I’m rediscovering my love of theatre this year, and what better way than with the Under the Radar Festival? The January festival is an international program of emerging talent, with each of the performances affordably priced so that you can take a gamble on something without caring entirely about what you’re getting yourself into. For the 2012 festival, I ended up seeing the one-woman show Chimera, the glam rock musical GOODBAR, and the group dance/poetry performance Word Becomes Flesh.
Chimera was an unsettling piece about a woman who finds out she is her own twin, or more specifically, she absorbed her twin in the womb and contains her DNA. That DNA of her unborn sister is what is in her son, making him effectively her nephew. The three characters in the piece, including a sardonic narrator, the mother, and her son, were all played by one actress, Suli Holum, who created Chimera with Deborah Stein. It was all played out in the tiny HERE theatre, with a kitchen backdrop that had many secret openings. The digital effects and lighting were also surprisingly good, creating a strange sort of atmosphere and fit with the scientific/medical focus. As a fan of medical oddities, I was also interested in the exploration of chimerism and what that would do to your sense of self, to be technically to people at once, to have a child who was not your own, but that of someone who you never allowed to be born. Like I said, unsettling.
The next Under the Radar performance I saw was GOODBAR, created by Bambï & Waterwell. It was my favorite of the festival, an over-the-top glam rock musical based on the 1975 novel Looking for Mr. Goodbar, about a schoolteacher who was brutally murdered, and turned out of have a double life, one that brought her close to many dangerous men in many shady clubs. I’ve been wanting to see the band Bambï again ever since I saw them as the house band at Littlefield’s talent shows, where I was blown away by the two singer’s: Hanna Cheek and Kevin Townley. (Watch their video for “Primatology,” filmed in the Natural History Museum, that’s a factually accurate and glammed out rock tribute to Jane Goodall.) Both Cheek and Townley have amazing, chameleon voices, especially Townley who plays the series of increasingly lecherous, growling men in the show. There were also video cameos by Ira Glass, Reggie Watts, and Moby, as well as enthusiastic backup dancers to the band. I’ve been listening to the GOODBAR EP on Spotify at work all week, and hope to be able to catch the NYC-based Bambï again soon.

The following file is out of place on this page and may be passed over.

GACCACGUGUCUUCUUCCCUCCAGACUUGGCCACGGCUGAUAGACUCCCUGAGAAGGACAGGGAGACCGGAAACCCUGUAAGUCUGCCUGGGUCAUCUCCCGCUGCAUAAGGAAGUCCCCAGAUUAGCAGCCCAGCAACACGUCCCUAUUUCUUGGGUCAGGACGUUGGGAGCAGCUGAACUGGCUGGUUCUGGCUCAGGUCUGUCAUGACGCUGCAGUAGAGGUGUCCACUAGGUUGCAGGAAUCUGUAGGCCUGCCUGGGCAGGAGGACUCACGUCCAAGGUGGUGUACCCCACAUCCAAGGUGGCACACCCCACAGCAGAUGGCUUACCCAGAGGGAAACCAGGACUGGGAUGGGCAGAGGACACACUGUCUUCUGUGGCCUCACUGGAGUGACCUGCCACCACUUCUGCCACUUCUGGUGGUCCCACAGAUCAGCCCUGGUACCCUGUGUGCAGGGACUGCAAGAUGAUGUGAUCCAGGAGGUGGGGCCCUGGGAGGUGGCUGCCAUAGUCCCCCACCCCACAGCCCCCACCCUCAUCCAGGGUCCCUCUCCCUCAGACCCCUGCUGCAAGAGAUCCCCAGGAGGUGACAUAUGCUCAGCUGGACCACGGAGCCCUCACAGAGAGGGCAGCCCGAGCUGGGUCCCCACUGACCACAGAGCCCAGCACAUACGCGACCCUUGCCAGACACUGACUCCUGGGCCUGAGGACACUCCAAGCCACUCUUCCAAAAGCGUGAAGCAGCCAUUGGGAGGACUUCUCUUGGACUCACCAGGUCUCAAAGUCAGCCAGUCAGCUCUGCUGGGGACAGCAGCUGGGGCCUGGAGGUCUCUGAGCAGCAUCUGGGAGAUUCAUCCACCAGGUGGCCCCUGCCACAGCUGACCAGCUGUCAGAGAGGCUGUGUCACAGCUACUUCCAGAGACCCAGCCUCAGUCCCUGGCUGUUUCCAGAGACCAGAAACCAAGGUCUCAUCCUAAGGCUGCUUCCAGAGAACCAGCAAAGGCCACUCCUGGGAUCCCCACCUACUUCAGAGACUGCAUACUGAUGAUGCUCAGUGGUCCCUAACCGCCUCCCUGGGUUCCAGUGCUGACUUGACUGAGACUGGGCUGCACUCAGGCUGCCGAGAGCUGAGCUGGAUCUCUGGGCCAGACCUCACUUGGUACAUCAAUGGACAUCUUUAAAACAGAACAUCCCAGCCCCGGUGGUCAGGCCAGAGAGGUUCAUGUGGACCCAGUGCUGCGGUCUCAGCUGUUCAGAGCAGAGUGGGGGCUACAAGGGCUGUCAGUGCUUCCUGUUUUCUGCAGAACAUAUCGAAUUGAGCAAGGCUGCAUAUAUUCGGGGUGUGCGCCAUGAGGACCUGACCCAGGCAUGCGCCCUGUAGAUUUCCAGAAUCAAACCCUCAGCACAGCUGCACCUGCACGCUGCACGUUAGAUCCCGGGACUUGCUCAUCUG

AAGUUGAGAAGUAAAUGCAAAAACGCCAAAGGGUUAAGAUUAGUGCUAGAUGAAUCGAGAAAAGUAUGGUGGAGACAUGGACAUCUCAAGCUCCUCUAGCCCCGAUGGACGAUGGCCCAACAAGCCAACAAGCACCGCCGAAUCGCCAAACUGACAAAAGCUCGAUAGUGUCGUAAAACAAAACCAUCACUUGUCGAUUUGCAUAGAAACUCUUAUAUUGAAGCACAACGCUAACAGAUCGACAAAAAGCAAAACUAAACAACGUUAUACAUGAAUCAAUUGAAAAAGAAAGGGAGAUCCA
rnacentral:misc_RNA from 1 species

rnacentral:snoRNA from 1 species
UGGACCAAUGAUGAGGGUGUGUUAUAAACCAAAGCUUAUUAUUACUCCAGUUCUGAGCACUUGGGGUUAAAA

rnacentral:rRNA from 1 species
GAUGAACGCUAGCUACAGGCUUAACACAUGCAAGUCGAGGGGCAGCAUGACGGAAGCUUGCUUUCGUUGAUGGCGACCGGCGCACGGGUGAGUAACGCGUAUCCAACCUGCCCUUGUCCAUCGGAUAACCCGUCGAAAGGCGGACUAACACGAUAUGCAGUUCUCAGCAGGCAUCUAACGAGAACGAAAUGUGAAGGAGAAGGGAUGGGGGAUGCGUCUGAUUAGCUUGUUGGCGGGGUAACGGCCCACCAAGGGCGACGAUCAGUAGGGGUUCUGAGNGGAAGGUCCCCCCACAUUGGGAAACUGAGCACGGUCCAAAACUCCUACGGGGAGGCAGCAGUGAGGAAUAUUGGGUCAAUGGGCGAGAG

The last performance I saw was Word Becomes Flesh, a piece by Marc Bamuthi Joseph based around dance and poetry. It was originally a one-man show performed by Joseph, but for Under the Radar it was staged as a collaborate performance. Different actors would come forward to embody fathers composing letters to their unborn sons, focused mainly on black male identity and played out with dance punctuations. There was also a great DJ, which will always get points from me.
This month, I was also able to see Looking for a Missing Employee at the COIL theatre festival (read my review for Hyperallergic here), and have tickets to the spring performance of Gatz at the Public, which I’m thrilled about. (It’s a six-hour performance that revolves around a reading of the Great Gatsby.) And, well, I’m seeing Sleep No More for the eighth time in February. Maybe 2012 will be the year of theatre for me!